New (old) order

Posted November 10th, 2019 in 2019 by Phil Vickery

My favourite line from Lao Tzu’s book which initiated the whole school and thought of Taoism the Tao De Jing (translated as “Virtue, and it’s way”) is “The Sage does nothing, yet nothing is left undone”.

When I first started Tai Chi I dove into Taoism and read many translations of this book and other canonical texts and always considered that this line was of high mystical proportions. My Master, Alan Peck,  one day gave me a more pragmatic interpretation and said it meant the most powerful outcome came from the earliest intervention. He said a Sage intervenes at the earliest moment and makes the most subtle of inputs to a situation so their efforts literally go unnoticed when the result came to full bloom. It made better sense to me even it it was less theatrical or esoteric.

Taoism and Tai Chi are inextricably related, and a lot of Tai Chi masters often use Taoist references and quotes to highlight the meaning of Tai Chi principles when teaching. This line in particular though relates very well to Push Hands or in fact any two-person interchange in Tai Chi. My Master would often say when yielding for example in Push Hands you must turn your partners force as soon as possible after sticking and listening to the incoming force they presented. This of course is not done against your partners force but in alignment to it so as to lead it away and not to its target.

When it comes to issuing or attacking your partner we must also make the first move on the subtlest level so as to go undetected, or at least so when it is apparent it is just too late for your partner to neutralise or yield to it. There are 3 aspects to conider and in fact execute in order to successfully attack your partner in Tai Chi and when combined they can be issued very swiftly or slowly both with successful outcomes:

  1. Yi – mind/intent where we make a decision to initiate our idea to attack/issue;
  2. Qi – to make sure the idea translates into a whole body movement with the posture/application we choose to use in the attack both open, relaxed and aligned with co-ordinated movement;
  3. Jin – the act of the whole body force internally translating the idea into an action of postural attack

All movements in Tai Chi start with the Yi and a decision to initiate some kind of action internally. This can arise within a split second, if the training and conditions are correct, and feels like a loose yet concentrated direction of thought to initiate action internally in the body (which mostly always starts with the feet). This amplifies from the source ( again usually from the feet, but can be directed anywhere in the body) which creates a wave of whole body movement, the qi, to then be directed out through the limbs (or any part of the body’s surface area) which is recognised as jin, and then to have an effect on your partner. Very internal to internal to extenral. This is the order that correct Tai Chi goes through when executing applications. If we miss out the Yi level it is said our qi sits there dormant and has no hope of externalising the jin in attacking a partner. If the qi aspect is missing then our thoughts to attack maybe confused or too intense and we usually end up just using Li (external force of localised tense muscles and tendons) to perform the attack. Finally, if we leave out the final aspect of the jin manifesting to actually attack our partner then the qi remains inside the body and misses it’s opportunity to discharge and make the attack. This final scenario however is precisely what we do in qigong, so it does have its benefits in our Tai Chi practice but never manages to train the martial aspect of Tai Chi.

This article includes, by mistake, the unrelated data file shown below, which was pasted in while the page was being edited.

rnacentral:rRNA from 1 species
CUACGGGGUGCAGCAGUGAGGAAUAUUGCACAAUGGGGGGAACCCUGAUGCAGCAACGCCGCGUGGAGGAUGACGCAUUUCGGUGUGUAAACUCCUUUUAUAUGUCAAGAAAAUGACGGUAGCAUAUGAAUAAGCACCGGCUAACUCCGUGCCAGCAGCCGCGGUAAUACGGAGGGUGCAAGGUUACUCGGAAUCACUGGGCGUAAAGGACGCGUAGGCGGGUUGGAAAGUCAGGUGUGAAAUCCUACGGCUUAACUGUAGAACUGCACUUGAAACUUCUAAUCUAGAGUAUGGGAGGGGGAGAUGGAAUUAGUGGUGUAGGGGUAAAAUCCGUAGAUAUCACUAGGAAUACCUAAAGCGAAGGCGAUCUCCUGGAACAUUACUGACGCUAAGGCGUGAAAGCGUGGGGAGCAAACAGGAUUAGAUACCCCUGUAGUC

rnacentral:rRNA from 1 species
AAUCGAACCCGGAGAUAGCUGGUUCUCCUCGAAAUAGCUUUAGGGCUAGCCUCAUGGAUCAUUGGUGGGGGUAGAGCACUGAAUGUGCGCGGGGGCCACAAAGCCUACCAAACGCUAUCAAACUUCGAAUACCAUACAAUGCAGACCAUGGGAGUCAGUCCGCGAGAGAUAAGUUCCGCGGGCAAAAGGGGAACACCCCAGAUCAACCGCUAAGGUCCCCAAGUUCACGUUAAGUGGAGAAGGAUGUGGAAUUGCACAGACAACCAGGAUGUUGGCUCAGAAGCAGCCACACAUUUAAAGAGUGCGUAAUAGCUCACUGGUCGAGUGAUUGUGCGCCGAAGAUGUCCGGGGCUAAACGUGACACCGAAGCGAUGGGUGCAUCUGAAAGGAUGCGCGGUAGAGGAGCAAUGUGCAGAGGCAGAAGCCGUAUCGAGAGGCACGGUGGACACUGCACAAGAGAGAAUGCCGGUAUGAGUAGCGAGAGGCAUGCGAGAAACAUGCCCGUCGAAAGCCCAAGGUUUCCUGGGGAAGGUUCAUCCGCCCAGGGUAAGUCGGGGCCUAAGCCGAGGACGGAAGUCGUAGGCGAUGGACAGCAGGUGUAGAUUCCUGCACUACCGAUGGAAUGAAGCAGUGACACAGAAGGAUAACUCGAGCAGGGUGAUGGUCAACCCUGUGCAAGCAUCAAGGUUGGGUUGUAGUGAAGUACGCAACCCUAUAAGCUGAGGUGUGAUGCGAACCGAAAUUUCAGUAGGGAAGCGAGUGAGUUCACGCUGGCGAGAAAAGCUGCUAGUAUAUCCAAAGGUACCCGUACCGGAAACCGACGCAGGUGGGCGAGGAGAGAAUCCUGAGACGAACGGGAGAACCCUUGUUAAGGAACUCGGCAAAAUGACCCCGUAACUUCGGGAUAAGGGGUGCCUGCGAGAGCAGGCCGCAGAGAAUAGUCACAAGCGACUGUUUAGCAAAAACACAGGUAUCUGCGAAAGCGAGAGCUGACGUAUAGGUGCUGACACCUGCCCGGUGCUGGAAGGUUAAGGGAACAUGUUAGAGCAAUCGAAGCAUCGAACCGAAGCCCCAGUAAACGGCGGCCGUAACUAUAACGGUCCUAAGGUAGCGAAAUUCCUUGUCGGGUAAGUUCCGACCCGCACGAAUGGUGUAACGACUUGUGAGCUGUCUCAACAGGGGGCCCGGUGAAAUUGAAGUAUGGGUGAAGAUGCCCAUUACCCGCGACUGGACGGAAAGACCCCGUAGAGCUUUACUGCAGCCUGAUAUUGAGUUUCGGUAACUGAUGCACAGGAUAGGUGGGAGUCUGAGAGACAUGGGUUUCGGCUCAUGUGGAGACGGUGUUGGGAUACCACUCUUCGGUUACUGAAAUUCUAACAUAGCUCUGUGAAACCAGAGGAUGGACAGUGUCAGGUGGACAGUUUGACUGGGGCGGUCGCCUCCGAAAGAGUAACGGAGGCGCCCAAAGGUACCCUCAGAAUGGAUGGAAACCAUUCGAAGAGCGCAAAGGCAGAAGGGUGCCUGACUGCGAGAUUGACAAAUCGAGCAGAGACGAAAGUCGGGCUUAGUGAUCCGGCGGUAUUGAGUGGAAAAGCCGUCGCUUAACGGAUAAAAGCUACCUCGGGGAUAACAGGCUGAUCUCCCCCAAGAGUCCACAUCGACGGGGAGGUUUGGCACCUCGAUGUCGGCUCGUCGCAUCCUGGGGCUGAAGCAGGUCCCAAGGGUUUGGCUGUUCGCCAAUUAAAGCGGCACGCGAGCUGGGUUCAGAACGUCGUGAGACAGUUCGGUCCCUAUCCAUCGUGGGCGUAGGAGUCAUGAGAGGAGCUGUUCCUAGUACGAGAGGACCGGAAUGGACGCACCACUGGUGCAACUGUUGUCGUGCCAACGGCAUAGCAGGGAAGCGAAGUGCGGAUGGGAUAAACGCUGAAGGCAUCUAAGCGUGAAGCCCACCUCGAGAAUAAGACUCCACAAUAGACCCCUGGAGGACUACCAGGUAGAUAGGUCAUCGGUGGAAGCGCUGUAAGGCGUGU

The same order occurs in yielding too. We use constantly our Yi in reference tofeeling the beginnings of our partners attack on us with what is referred to as Ting Jin (“Listening” force, a relaxed yet heightened sense of any incoming subtle movement). When the incoming force of the attack is clear the qi aspect of the whole body moves internally to sink and open to receive the incoming force, and then the jin aspect is to appropriately respond with a yielding action ( and quite possibly followed up quickly with a counterattack too) to neutralise your partners efforts.

Early in our Tai Chi studies it is all too easy to see yielding and attacking as two different things, when in fact they are the same thing. They follow the same internal order in their attempt to interact with a partner.  Yi, qi and jin are the correct order for both modes in two partner exercises. This order has always been recognised as the correct method for internal arts as it is considered an act of nature as a seed under the ground takes root to develop the stem and then the branches above the soil and finally produce fruit as a result.

So like the Sage we must make our first move at the subtlest level (the mind) if we are to set in motion (the qi and internal movement inside the body), to out of nowhere, deliver the most appropriate and successful result ( the jin discharging the internal wave of force to our target).




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